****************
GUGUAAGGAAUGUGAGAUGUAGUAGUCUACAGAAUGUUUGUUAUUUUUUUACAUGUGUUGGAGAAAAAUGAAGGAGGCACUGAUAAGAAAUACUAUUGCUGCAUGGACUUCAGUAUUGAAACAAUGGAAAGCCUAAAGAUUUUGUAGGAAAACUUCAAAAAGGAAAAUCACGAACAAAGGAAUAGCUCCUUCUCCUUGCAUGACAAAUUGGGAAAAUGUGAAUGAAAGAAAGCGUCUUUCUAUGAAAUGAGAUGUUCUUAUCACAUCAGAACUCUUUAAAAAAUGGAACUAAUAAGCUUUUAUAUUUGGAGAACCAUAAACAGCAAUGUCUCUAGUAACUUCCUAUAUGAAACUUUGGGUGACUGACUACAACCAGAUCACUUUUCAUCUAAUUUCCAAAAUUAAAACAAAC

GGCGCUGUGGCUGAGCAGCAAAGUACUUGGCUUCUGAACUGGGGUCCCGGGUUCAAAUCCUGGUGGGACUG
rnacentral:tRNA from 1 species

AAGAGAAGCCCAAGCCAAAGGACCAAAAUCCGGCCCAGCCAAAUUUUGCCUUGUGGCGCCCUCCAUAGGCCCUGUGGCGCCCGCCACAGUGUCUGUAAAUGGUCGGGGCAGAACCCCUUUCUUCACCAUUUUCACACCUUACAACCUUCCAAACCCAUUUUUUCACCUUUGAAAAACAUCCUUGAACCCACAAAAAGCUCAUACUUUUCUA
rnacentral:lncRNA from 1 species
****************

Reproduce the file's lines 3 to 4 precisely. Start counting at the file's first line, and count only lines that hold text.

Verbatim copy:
rnacentral:tRNA from 1 species

AAGAGAAGCCCAAGCCAAAGGACCAAAAUCCGGCCCAGCCAAAUUUUGCCUUGUGGCGCCCUCCAUAGGCCCUGUGGCGCCCGCCACAGUGUCUGUAAAUGGUCGGGGCAGAACCCCUUUCUUCACCAUUUUCACACCUUACAACCUUCCAAACCCAUUUUUUCACCUUUGAAAAACAUCCUUGAACCCACAAAAAGCUCAUACUUUUCUA